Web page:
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Pa. Justices Eye Insurer's Duty to Defend Claim for Bystander Shot During Murder-Suicide
Offit Kurman Attorney Meghan Finnerty Featured in The Legal Intelligencer
By: Max Mitchell | April 11, 2019
When it comes to whether an insurance carrier has to provide coverage for a man injured during a murder-suicide, “context is everything,” an attorney representing Erie Insurance told the Pennsylvania Supreme Court.
Allan Molotsky of Fowler Hirtzel told the justices Thursday, during the oral argument session in Erie Insurance Exchange v. Moore, that they needed to view the deadly encounter as a whole in order to determine whether the non-fatal shooting of a third party during the incident should be viewed as an “occurrence” under the insurance policy, triggering the carrier’s duty to defend.
The shooter, Harold McCutcheon, “made intentional decisions to get to this point,” Molotsky told the justices. “There were a series of decisions and you can’t take them out of context.”
The facts that Molotsky asked the justices to take into account stem from the 2013 incident where McCutcheon fatally shot his ex-wife, Terry McCutcheon, before he shot her then-boyfriend, Richard Carly, in the face, and then fatally shot himself. Molotsky noted several times that, before the shooting, Harold McCutcheon allegedly grabbed and pulled Carly into the home and then the two got into a fight.
Although the complaint that Carly later filed against Harold McCutcheon’s estate said the shooting happened accidentally while the two were struggling over the gun, Molotsky said words alleging the shooting was “accidental,” “reckless,” or “careless” were conclusions of law that needed to be disregarded by the courts.
“You can’t just say the defendant shot him negligently,” Molotsky said.
However, Justice Max Baer said that, at this stage of the case, the plaintiff gets the benefit of having all facts and inferences taken as true.
“I don’t think I agree with your standard that it’s purely a question of law,” Baer said. “At best it’s a mix of law and fact.”
The facts alleged in the complaint were sufficient to lead a three-judge Superior Court panel to find that the shooting was accidental, and that Erie needed to provide coverage. The panel noted that Carly alleged McCutcheon had been “screaming, swearing, incoherent and acting ‘crazy,’” and that during the altercation, McCutcheon “tossed” up his arm that held the gun, “thereby recklessly shooting off various rounds in and about the room,” one of which hit Carly.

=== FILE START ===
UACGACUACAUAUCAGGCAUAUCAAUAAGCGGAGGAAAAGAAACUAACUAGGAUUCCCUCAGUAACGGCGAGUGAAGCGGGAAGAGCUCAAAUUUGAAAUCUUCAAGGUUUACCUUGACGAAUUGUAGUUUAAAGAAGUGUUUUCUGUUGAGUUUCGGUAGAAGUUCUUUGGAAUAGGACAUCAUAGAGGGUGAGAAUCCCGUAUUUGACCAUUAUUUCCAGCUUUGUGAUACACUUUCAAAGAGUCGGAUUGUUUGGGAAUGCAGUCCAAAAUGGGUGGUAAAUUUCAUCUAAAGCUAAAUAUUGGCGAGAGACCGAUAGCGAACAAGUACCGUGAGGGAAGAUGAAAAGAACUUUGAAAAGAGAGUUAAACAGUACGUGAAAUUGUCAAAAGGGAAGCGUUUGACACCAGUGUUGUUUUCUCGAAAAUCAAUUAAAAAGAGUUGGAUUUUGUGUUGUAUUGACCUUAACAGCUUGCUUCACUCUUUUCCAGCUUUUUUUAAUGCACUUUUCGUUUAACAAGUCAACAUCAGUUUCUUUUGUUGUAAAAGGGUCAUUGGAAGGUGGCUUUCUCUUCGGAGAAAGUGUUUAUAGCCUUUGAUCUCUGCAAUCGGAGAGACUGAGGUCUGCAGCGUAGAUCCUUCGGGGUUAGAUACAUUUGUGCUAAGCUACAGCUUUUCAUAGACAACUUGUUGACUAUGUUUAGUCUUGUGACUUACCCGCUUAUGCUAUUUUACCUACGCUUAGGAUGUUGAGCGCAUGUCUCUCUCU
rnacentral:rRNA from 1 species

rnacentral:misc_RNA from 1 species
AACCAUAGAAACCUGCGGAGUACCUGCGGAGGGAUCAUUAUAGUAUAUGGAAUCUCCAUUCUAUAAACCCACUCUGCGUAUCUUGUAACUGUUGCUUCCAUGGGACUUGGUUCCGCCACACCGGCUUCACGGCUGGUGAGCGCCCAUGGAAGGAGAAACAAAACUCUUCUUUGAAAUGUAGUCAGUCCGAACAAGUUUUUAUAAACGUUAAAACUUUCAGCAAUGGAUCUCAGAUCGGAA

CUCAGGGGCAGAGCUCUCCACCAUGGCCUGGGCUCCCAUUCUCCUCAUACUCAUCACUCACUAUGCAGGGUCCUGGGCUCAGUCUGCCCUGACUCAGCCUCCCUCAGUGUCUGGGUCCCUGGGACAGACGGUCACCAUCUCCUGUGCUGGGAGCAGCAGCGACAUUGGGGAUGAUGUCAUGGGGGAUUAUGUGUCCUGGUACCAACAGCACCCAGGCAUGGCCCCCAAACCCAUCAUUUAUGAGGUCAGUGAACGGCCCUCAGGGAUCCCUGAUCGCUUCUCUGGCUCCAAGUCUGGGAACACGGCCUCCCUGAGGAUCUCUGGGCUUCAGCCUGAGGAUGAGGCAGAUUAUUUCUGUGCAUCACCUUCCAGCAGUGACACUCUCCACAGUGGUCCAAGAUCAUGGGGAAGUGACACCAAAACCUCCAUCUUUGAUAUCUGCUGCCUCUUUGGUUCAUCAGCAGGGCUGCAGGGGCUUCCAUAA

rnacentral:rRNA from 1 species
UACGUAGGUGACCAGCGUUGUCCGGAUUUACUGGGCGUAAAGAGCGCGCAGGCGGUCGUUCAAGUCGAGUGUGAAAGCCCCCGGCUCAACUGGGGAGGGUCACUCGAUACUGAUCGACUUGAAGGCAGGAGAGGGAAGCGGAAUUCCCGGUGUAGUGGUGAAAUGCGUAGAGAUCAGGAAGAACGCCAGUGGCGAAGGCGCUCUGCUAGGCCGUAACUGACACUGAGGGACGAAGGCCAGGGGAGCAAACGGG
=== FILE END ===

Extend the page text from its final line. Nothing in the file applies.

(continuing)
Because Carly alleged that the shooting was accidental, the panel determined it fit the definition of “occurrence” in the homeowner’s policy that McCutcheon had through Erie, which defined an occurrence as “an accident including continuous or repeated exposure to the same general harmful conditions.”
Chief Justice Thomas Saylor, however, said Carly would need to argue that McCutcheon did not intend any harm to come when he engaged in “mutual combat” with Carly while he had a gun in his hand.
“That almost strains credulity,” Saylor said.
Meghan Finnerty of Offit Kurman, who is representing Carly, told the justices that they needed to view the initial intentional acts, including McCutcheon allegedly pulling Carly into the house, as separate from the shooting incident. Viewed that way, the complaint, Finnerty contended, clearly showed that the shooting was accidental.
“The only intentional act was when he was pulled in off the porch,” Finnerty said. Saylor also questioned Finnerty how, as a practical matter, carriers would be able to factor in these risks when writing policies, but Finnerty replied that carriers already provide enhancements in policies for accidental shootings. “Erie could have used one of these exclusions and they didn’t,” she said.
“The only intentional act was when he was pulled in off the porch,” Finnerty said.
Saylor also questioned Finnerty how, as a practical matter, carriers would be able to factor in these risks when writing policies, but Finnerty replied that carriers already provide enhancements in policies for accidental shootings.
“Erie could have used one of these exclusions and they didn’t,” she said.
Reprinted with permission from the April 2019 issue of The Legal Inteligencer. © 2019 ALM Media Properties, LLC. Further duplication without permission is prohibited. All rights reserved.
ABOUT MEGHAN FINNERTY
Ms. Finnerty is a commercial litigator with a varied practice, with an emphasis on assisting corporate and nonprofit policyholders as they navigate disputes with their insurance companies. Ms. Finnerty also has significant experience assisting companies in products liability and construction accident litigation. She has represented companies in fields such as energy, finance, construction, manufacturing and retail in commercial litigation disputes, and regularly serves as a sounding board for manufacturing clients on a wide variety of legal issues including, insurance losses, risk management, contractual indemnity, employee theft and collection issues.
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